- What’s in a house?
- A room.
- What’s in a room?
- A table.
- What’s in a table?
- A drawer.
- What’s in the drawer?….
This particular example makes some sense, but it doesn’t need to make sense at all. It can be any noun, and it can contain anything, whatever word comes to your mind. You know, a fish within a girl, cotton candy within a key, anything. In suspense, they wait for the answer that triggers the game, and that’s:
- Crni otrov! / Black poison!
When she says the words, everyone runs away in panic and screams, and whoever she touches, they freeze, until another child touches the frozen child and sets it free. Baba wins when she freezes all of the children.
Smrt Bijela Kost
Ledena baba and Black Queen, step aside. The first place goes to…. Smrt bijela kost! Death White Bone in literate translation. I don’t know why should I even bother to try and translate it any other way than literally. It makes as much sense in Croatian as it does to English – it doesn’t make any. It does sound scary as hell, though, and triggers unwanted images in your mind when you’re a kid.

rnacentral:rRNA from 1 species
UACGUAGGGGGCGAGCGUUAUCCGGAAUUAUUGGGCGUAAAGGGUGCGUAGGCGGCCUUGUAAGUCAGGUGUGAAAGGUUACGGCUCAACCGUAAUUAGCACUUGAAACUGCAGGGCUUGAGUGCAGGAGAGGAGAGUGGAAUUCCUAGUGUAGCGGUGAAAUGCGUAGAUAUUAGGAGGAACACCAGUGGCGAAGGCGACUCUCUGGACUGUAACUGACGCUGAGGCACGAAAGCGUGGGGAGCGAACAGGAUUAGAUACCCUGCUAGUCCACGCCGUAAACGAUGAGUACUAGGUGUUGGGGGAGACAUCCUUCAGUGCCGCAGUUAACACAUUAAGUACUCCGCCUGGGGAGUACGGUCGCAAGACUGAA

How do you play it? One child is Smrt Bijela Kost. Then there’s Mom. The rest are the children.
Smrt Bijela Kost hides in some corner away from Mom, in a part that they imagine as a basement. It could be an actual basement if you’re playing this game inside of a house, but it can be any other space a bit further away from Mom. Trust me, in my memory, it feels like it was a dark basement full of spiderwebs and old rotten furniture even if we were playing out in the open.
Now, bear with me here as the screenplay is quite elaborated.
Mom sends her kids to fetch something from the basement. They come back screaming – Smrt Bijela Kost is there! Mom doesn’t believe them and sends them again. This choreography repeats a few times until Mom finally decides to go and check for herself. She keeps her cool and calmly speaks to Smrt Bijela Kost. She asks it when it’s coming. It tells her the exact hour.